Wind turbines generating green energy at sea

Physics

UNDERGRADUATE SUBJECT AREA

Why Study Physics?

Understanding how the oceans work is key to predicting how our planet is going to respond to our warming climate. It is also important if we are to efficiently harness the huge but largely untapped potential of renewable tidal energy. By studying the physics of the ocean, you will learn about how the ocean works and interacts with other elements of the Earth System, the atmosphere and cryosphere. You will also learn about how to observe the ocean, both from ships and from space, and to develop numerical models for the prediction of the ocean. 

You will gain the tools to be able to tackle important problems linked to climate change and to extracting energy from the ocean.

Career Opportunities in Physics

Graduates in ocean physics / physical oceanography are in great demand.  We have been teaching Ocean Physics for over 50 years and our past students have gone on to become Nobel Laureates, directors of the major UK Oceanographic laboratories and managing directors of major commercial oceanographic companies. Many hold posts in the marine industries, particularly in consultancy companies that provide services in oceanography to the marine renewable, defence and oil industries, as well as offshore engineering operations. There are further opportunities in Government Laboratories and agencies with responsibility for the management and prediction of estuarine and coastal waters, such as the CEFAS and the Met Office. Many of our graduates have also continued to higher degrees and an academic career.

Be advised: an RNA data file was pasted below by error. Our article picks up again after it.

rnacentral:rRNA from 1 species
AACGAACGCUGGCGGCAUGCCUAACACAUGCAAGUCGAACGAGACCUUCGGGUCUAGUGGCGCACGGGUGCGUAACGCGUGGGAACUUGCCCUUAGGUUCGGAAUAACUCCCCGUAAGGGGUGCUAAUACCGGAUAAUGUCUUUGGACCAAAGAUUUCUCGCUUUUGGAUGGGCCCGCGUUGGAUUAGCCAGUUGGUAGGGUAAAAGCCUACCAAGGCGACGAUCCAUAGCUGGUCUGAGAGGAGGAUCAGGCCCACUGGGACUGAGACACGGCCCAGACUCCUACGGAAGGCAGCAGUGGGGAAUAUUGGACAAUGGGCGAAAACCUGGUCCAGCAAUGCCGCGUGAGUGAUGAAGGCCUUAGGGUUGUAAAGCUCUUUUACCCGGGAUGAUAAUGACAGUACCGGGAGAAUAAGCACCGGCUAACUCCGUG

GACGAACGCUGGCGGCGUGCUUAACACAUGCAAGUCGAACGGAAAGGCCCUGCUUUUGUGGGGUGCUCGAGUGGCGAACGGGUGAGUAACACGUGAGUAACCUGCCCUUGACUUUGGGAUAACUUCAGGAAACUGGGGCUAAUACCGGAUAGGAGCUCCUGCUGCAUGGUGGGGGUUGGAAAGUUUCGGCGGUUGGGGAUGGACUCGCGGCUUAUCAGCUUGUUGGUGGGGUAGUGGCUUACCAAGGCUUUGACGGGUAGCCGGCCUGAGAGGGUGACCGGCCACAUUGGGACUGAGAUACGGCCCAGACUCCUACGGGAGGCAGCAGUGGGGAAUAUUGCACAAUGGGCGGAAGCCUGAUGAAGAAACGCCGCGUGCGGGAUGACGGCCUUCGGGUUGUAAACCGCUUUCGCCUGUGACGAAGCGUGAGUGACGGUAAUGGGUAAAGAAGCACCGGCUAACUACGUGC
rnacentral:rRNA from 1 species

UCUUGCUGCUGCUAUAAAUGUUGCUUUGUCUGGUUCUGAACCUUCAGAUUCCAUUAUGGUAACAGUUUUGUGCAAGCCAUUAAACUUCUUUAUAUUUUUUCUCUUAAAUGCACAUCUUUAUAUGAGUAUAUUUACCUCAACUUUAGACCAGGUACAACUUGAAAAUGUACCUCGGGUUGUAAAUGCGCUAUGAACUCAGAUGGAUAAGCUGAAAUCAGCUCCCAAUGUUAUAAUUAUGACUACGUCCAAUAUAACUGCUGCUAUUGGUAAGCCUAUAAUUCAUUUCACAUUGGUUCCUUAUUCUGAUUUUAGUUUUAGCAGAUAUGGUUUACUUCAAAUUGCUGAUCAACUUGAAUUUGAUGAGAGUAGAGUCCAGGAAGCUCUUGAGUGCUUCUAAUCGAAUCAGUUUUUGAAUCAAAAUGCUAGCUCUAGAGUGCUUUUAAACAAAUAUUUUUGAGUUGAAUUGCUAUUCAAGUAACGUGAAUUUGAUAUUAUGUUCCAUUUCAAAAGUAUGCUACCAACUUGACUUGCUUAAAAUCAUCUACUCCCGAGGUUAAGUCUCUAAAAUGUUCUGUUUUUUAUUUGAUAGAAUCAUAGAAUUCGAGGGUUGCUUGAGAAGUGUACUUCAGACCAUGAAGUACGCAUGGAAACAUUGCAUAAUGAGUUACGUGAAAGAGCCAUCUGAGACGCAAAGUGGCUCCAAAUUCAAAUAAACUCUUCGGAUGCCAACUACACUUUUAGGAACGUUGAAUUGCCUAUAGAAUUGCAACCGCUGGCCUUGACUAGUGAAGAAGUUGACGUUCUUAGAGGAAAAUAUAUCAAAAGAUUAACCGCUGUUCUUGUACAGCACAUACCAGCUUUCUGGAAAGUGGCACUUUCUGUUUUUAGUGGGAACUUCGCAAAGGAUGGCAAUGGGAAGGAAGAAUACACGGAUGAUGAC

Our Research in Physics

Our research focuses on understanding of how the ocean works and interacts with the other components of the Earth System. In particular, our research has led to a step change in our understanding of the continental shelf seas and their role in the Earth System. This includes identifying the factors controlling the partitioning of these seas, and identification of key mechanisms regulating dispersion of freshwater in estuaries and coastal seas.

Current research aims at improving climate and weather predictions, with particular focus on the role of the tides and their evolution over Earth History. We have identified a "super tidal cycle" linked to plate tectonics and the potential role of tides on an early Venus in creating a habitable planet.

Current research also focuses on the extraction of renewable energy from the ocean, particularly associated with the tides, and the potential impacts of energy extraction.

Our research is underpinned by the development and application of state-of-the-art numerical modelling and observational techniques. In particular, we have been at the forefront of developing methods for measuring turbulence in the marine environment for over two decades.

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